Amazing prolific talent / Walter Anderson.
Thanks for sharing, his style was uniquely his own
for sure. I like his pottery and carvings, he certainly
was driven – how old was he when he died in 1965?
Wonderful photo of the Great Blue Heron on the
Peggy, he was only 62 when he died from lung cancer — and you’re right, he was so incredibly prolific. They say he was never without a brush or pencil or some other artist’s tool in hand.
What an absolutely fabulous write up on one of my very favorite artists. You really learned as much about him it seems in your visit as I did in reading 3 different books about him. Great pictures as usual. It’s a place I wanted to return to and even more after reading this. We didn’t have nearly enough time in that cute little town and the great National Seashore.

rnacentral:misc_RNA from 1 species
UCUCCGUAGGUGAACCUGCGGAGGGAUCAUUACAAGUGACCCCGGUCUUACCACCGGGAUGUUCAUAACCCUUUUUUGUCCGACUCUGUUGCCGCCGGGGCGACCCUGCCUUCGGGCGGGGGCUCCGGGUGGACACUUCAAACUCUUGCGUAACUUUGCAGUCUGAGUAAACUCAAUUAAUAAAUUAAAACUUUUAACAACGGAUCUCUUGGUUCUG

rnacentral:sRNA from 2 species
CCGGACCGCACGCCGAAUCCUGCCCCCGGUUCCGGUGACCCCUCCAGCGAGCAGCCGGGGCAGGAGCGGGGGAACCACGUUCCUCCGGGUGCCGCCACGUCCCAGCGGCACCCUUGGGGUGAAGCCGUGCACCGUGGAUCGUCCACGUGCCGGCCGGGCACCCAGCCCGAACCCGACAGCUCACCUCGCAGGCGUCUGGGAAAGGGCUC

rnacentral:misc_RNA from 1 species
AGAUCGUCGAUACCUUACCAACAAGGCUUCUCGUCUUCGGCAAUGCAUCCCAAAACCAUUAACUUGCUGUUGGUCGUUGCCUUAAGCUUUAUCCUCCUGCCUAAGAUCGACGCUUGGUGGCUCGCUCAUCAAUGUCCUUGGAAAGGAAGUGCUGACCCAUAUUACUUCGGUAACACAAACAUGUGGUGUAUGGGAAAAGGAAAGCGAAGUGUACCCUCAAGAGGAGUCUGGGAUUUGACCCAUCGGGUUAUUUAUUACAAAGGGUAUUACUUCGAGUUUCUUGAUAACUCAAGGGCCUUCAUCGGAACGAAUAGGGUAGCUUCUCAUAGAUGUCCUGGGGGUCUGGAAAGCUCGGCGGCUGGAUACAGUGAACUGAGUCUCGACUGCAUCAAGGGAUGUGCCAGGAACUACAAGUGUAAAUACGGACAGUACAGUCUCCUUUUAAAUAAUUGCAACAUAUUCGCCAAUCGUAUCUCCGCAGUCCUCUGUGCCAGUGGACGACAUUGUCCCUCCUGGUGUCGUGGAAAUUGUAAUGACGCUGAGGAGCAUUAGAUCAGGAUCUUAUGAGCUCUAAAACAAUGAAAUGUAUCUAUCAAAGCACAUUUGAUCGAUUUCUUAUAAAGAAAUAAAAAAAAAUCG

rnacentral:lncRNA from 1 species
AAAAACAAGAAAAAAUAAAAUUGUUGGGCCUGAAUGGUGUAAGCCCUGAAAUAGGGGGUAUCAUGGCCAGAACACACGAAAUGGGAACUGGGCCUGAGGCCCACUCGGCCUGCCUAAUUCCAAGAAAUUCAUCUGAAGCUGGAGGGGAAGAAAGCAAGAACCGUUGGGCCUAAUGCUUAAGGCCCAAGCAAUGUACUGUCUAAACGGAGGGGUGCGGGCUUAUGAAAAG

I thought of you all the while I was writing this, Sherry. You did such an incredible “virtual tour” of Walter Anderson in your posts. His work is gorgeous. His wife Sissy’s memoir of their life together — “Approaching The Magic Hour” — is on my short list of books to read.
I knew nothing of this artist so thanks so much for this post. I found his work and the background you provided fascinating. After reading recents posts from some of my favorite bloggers I can hardly wait to explore the southeast. This looks like a great place to explore. Thanks Laurel!
This is another place that I think you would thoroughly enjoy, LuAnn. It’s a beautiful small town infused with art and plenty of nature!
Thanks for the story on Walter Anderson. I found it very fascinating. He certainly had his own style in his art work. Not sure I care for some of it. The little room looked beautiful, however. I did like his self portrait.
Beautiful day for kayaking:)
He definitely had his own style, Pam — I didn’t care for all of it, either, but I loved his paintings of birds, and so did Eric, even though he generally prefers less “stylized” art.